Finding the right volunteer role for your child

November 3, 2015

 Volunteering helps children develop selfless behaviour and a service-oriented perspective that may last through adulthood. These tips should help you find the right volunteer position for them.

Finding the right volunteer role for your child

1. Keep it Local

  • By volunteering in your own town or neighbourhood, your children will not only build valuable ties to your own community but also feel invested in it.
  • Local programs, whether they are on helping the poor and less fortunate or are concerned with improving the environment, will help your children get involved in important matters near home.
  • Children should be aware of world events and want to be part of making the planet a better place. However, the most effective way to help is by acting on the home front.
  • Also, volunteering in one's own community is an important practice that will connect your children to meaningful interactions wherever they go.

2. Make it Relevant

  • Make sure the volunteer position is relevant to your child's interests so that he or she enjoys the experience and learns as much as possible.
  • If you have a child that is interested in animals, then a volunteer position with an animal rescue or wildlife centre is a perfect match because it instantly engages their interests.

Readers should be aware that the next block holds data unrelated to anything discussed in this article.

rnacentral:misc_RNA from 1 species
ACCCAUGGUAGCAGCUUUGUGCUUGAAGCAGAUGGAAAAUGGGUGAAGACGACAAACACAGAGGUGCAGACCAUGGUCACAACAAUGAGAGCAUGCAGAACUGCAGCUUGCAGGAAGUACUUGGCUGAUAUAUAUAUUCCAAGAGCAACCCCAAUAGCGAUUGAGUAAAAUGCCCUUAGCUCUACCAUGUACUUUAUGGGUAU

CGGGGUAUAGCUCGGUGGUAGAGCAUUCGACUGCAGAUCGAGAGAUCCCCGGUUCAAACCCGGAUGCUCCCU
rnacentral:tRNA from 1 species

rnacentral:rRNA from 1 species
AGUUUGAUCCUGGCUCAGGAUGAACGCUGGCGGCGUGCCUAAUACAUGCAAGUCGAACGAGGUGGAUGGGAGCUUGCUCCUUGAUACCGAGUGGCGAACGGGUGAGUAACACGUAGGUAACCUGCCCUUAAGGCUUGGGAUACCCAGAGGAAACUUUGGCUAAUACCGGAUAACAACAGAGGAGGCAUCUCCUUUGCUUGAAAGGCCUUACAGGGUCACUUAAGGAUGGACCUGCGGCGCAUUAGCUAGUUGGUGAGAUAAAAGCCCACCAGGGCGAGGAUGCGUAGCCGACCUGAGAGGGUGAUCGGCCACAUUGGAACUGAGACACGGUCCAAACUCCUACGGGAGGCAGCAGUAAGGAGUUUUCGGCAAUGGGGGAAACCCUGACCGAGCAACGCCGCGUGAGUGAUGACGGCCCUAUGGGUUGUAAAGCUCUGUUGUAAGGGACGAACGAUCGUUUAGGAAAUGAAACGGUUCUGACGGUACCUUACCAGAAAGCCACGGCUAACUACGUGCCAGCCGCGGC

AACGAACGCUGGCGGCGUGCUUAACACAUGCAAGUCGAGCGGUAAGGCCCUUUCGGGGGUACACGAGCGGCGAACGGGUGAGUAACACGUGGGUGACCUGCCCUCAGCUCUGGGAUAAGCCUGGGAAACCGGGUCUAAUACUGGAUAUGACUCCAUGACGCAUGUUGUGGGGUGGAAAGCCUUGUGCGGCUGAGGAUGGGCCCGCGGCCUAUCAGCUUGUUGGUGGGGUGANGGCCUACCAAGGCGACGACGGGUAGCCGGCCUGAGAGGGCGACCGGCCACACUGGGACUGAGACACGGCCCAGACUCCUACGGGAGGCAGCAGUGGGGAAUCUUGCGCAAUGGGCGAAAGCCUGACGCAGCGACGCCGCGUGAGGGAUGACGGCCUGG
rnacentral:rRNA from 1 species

• Children who are interested in music or creative pursuits may assist in those  programs for underserved youth or people with developmental difficulties.
  • Placing children in a familiar field ensures their interests are engaged and underscores the need to be of service and provide help to those who need it.

3. Consistency is Key

  • For a child, school is consistent, just as work will be consistent in the future. Volunteering should also be a constant part of a child's life if it's important to him or her.
  • Volunteering provides an opportunity to strengthen educational and career skills that parallel and complement schoolwork.
  • A weekly gig volunteering at a community garden, for example, is a great way for a future botanist or forester to get hands on training while helping the community.
The material on this website is provided for entertainment, informational and educational purposes only and should never act as a substitute to the advice of an applicable professional. Use of this website is subject to our terms of use and privacy policy.
Close menu